Kashmir: APDP seeks SHRC intervention before High Court in unmarked and mass graves case
Hong Kong: APDP on 8 August moved an application before the J&K State Human Rights Commission (SHRC) on the issue of unmarked and mass graves in Jammu and Kashmir, and prayed that the SHRC approach the JK High Court to seek implementation of its 2011 and 2017 judgments. SHRC issued notice and sought responses from the JK police and Government of JK and will hear the case next on 17 September.
Jammu and Kashmir has seen an estimated 70,000 killed, 8000 disappeared, and countless tortured and victims of sexual violence. Unmarked and mass graves are directly connected to these widespread and systematic human rights violations as a part of the ongoing armed conflict. State forces (army, paramilitary, police and informal groups) have been the major perpetrators of this violence and have for decades failed to follow any protocol following the killing of civilians and/or militants whether in “legitimate encounters” or in cases of fake encounters, custodial killing, torture killings and other such crimes. In addition to not filing first information reports and carrying out fair and independent investigations, including on the bodies themselves, the State forces buried the bodies of the persons killed in unmarked graves, including on occasion in mass graves . Unmarked graves are sites of crime and their investigation would unearth the nature and extent of State violence. Crucially, families of the disappeared have a right to know the whereabouts of their loved ones and the investigation of unmarked graves may provide some answers in this respect.
APDP first highlighted this issue in a 2008 report titled Facts Underground (followed up by a 2009 report titled Buried Evidence). Subsequently, in two separate judgments (2011 and 2017) SHRC also confirmed the phenomenon and issued a series of recommendations for investigations and reparations for 4810 unmarked graves across five districts. On 19 October 2011, SHRC through its own investigations confirmed the presence of 2730 unidentified bodies in unmarked graves in districts Baramulla, Bandipora and Kupwara (of which 574 bodies were identified as being locals) and issued six recommendations including for identification of the unidentified bodies through DNA testing and forensic examinations, and for prosecution and reparations. Government was directed to file an action taken report, which was filed by communication dated 13 August 2012 wherein the Home Department of Government of JK refused to implement the recommendations of the SHRC. Specifically, on the important recommendation of investigations of the graves it was stated that due to lack of capacity and resources, and the time period already lapsed, investigation would not be possible except in limited cases where a family member is able to identify the exact location of the grave of their loved one (which is impossible in virtually all cases). On 26 October 2017 on a separate application by APDP on unmarked graves in districts Poonch and Rajouri, SHRC – based on government records – confirmed presence of 2080 unmarked graves and reiterated the same six recommendations. These directions were to be complied within six months but to date the government has not done so and neither has any action taken report, as mandated, been filed.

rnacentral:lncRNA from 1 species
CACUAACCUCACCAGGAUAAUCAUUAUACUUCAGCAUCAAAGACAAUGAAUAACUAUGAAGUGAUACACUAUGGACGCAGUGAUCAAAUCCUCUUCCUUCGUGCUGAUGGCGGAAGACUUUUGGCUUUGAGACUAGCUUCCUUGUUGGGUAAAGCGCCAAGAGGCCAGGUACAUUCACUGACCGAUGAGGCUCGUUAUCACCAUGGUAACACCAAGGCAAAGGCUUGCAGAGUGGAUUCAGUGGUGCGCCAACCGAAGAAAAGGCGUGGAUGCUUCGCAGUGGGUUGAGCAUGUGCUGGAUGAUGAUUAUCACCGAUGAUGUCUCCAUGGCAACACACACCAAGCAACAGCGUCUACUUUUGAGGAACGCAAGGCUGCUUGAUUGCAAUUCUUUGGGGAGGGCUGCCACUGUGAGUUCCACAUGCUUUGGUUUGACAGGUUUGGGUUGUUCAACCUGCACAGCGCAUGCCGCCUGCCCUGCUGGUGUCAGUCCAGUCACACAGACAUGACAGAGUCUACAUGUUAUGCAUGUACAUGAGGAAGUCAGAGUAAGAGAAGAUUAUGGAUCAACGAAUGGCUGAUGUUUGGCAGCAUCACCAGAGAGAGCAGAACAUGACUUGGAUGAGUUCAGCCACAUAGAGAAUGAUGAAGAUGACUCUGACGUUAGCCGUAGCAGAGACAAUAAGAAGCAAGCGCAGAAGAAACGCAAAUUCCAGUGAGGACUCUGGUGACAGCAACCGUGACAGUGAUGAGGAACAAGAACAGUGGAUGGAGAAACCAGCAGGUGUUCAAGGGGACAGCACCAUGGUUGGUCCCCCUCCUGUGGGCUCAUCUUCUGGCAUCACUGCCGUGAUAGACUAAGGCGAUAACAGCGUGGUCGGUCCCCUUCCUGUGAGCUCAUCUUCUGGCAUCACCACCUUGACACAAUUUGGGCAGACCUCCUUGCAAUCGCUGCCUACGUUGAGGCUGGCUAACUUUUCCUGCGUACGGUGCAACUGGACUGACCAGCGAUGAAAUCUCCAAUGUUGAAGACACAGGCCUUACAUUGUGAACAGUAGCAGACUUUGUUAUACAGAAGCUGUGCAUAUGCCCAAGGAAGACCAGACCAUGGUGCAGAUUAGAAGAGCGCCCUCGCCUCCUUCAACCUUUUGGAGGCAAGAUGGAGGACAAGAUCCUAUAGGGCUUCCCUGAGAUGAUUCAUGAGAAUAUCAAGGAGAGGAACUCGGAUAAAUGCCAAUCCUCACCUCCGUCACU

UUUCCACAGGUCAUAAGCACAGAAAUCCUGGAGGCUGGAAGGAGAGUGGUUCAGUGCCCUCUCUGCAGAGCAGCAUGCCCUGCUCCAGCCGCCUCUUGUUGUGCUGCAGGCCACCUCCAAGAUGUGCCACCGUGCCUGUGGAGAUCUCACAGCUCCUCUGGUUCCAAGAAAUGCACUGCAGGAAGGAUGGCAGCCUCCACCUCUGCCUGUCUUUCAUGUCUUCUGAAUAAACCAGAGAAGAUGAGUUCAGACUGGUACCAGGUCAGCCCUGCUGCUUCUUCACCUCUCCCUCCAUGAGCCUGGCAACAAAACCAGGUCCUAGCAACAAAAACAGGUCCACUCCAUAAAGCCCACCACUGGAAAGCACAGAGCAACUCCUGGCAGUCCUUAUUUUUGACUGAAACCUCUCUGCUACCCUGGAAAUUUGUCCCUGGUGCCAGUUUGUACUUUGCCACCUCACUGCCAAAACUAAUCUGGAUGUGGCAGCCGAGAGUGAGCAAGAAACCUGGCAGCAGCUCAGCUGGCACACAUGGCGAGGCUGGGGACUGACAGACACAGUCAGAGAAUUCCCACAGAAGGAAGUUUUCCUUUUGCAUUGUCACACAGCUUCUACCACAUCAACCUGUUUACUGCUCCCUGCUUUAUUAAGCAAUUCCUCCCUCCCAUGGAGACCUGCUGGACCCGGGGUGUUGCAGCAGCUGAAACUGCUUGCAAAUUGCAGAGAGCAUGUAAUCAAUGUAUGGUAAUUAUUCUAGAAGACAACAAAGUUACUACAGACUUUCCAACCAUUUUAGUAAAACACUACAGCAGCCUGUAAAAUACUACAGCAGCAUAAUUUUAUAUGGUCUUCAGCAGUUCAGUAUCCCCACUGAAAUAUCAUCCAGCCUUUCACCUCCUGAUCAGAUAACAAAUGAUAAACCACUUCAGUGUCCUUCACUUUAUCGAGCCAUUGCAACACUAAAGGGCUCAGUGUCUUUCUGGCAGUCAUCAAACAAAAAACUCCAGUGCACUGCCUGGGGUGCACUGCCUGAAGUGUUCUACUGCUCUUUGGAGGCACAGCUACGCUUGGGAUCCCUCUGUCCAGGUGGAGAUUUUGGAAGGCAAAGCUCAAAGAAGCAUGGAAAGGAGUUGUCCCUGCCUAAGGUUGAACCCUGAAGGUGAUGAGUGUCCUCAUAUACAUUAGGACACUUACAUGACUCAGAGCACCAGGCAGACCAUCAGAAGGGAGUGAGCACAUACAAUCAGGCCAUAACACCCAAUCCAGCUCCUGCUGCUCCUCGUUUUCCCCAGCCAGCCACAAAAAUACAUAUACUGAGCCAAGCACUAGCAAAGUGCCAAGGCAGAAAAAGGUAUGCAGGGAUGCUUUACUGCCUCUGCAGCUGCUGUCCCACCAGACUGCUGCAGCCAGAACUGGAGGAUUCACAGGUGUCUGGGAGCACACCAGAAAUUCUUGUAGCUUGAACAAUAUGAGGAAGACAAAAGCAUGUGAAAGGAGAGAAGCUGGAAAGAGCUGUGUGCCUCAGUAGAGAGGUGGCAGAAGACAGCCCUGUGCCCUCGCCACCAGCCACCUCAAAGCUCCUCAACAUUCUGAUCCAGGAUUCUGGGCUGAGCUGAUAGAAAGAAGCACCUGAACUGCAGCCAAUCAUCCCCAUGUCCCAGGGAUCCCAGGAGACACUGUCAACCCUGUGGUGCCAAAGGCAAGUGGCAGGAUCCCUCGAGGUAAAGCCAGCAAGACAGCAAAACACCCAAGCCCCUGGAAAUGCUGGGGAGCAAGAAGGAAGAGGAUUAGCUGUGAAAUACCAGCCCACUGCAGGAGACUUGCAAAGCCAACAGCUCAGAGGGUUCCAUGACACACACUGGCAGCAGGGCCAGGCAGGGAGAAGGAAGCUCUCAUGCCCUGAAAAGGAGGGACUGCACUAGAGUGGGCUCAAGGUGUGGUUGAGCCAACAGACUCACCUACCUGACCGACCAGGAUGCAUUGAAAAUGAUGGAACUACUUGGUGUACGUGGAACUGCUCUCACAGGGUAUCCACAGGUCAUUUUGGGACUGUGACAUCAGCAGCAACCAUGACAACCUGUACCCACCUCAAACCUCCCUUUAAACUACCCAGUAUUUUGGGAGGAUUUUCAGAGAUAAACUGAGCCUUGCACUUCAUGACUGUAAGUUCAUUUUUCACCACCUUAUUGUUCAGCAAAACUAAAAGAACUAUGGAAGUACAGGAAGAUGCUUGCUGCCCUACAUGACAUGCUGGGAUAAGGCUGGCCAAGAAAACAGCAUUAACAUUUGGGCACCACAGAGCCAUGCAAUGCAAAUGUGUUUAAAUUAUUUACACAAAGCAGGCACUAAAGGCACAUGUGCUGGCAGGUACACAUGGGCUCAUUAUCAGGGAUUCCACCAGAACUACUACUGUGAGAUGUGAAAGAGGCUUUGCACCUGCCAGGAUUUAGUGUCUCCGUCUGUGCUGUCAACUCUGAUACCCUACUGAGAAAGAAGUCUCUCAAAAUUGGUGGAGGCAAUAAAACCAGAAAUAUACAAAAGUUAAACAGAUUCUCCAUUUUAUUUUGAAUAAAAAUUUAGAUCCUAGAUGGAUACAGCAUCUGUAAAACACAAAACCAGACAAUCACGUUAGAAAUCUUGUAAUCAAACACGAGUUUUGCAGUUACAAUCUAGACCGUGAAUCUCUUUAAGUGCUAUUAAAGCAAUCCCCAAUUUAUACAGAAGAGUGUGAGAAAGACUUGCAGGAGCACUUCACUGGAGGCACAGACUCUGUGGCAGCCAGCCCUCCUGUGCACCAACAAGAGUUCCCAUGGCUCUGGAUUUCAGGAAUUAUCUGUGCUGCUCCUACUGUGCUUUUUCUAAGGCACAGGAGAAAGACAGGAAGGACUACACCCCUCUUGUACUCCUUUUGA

International bodies have also called for investigations into unmarked and mass graves in Jammu and Kashmir, such as the European Parliament through a resolution in 2008 where financial assistance was also offered, Office of the High Commissioner for Human Rights in June 2018, and international NGO’s Amnesty international and Human Rights Watch.
The categorical refusal of the State to comply with SHRC recommendations is a part of the consistent practice of the State to ensure impunity and protect perpetrators of violence. But, it also calls into question the very credibility of the SHRC that has been constituted – as per its statute - to protect human rights of the people of Jammu and Kashmir. The refusal of the State to investigate unmarked graves mirrors the past refusal to even acknowledge the crime of enforced disappearance (Government of India has signed but not ratified the Convention on enforced disappearance). Therefore APDP has approached the SHRC to ensure compliance of its own judgments by approaching the High Court, a measure that is within the power of the SHRC and has been exercised in other cases.
Today’s application by APDP forms the next step in its decades old struggle for justice on the issue of enforced disappearance. APDP will ensure that the memory of the disappeared remains alive until justice is done and the truth is made public. (Issued by Spokesperson, APDP and circulated by the Hong Kong-based The Asian Human Rights Commission)